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US state explores energy generation via peak traffic

The CEC has invested $2 million in a study, which is investigating if piezoelectric technology can be used for energy generation from many of the congested freeways, Climate Action reported.

Energy generation through innovation

Climate Action explains: “Piezoelectric technology converts vibrations into electric pulses, and is already utilised on a small-scale in objects such as electric guitars, sonar and microphones.

“The plan is to utilise this concept on a larger scale on Los Angeles’ famously gridlocked freeways.”

They added: “The study will show how small piezoelectric crystals, which generate energy when compressed, could produce electricity for the grid if installed under asphalt.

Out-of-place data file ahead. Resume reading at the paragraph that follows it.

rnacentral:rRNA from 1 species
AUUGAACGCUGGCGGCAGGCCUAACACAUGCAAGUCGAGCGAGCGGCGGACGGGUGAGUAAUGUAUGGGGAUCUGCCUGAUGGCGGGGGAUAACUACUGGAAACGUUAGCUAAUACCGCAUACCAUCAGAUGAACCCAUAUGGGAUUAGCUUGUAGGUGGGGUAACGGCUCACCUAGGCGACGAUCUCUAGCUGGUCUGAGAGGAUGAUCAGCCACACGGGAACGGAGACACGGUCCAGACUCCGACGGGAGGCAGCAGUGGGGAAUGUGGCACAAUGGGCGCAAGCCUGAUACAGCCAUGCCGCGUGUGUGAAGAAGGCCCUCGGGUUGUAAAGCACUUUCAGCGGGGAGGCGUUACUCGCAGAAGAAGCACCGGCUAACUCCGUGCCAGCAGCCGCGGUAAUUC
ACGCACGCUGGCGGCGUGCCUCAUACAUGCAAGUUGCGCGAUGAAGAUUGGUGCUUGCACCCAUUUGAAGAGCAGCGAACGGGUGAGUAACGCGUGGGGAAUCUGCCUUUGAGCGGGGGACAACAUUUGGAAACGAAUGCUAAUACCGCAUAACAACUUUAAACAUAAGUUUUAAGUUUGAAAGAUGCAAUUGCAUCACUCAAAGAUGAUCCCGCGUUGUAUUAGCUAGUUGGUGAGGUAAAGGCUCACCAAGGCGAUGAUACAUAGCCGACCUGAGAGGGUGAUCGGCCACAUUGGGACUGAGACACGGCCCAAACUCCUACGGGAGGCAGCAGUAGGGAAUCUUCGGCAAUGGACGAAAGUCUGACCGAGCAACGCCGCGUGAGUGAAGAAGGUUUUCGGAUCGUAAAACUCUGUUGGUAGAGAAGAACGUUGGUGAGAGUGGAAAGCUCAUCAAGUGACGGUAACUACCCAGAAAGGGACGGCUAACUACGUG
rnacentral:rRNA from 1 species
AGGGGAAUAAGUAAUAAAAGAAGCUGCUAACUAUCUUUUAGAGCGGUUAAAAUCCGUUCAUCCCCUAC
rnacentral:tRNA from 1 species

“As the vehicles roll over highways embedded with these crystals, an electric current is created from the mechanical stress, which can then be harvested to energise the grid.

“Scientists have estimated that the energy generated from a 10-mile stretch of four-lane roadway could power the entire city of Burbank, which has a population of 105,000 people.”

Long-term vision

CEC’s deputy division chief of energy research and development, Mike Gravely, said: “It’s not hard to see the opportunity in California…It’s an energy that’s created but is just currently lost in vibration.”

Paul Bunje, a scientist and former founding director of UCLA’s Center for Climate Change Solutions, added: “No longer is driving just the act of using energy. Maybe it’s also part of the process of generating it.”

According to Climate Action, Los Angeles’ long-term vision is to generate 50% of the state’s electricity with renewable energy by 2030, adding that it is currently on target to reach 25% by the end of the year, according to the Energy Commission.

Ashley Theron
Ashley Theron-Ord is based in Cape Town, South Africa at Clarion Events-Africa. She is the Senior Content Producer across media brands including ESI Africa, Smart Energy International, Power Engineering International and Mining Review Africa.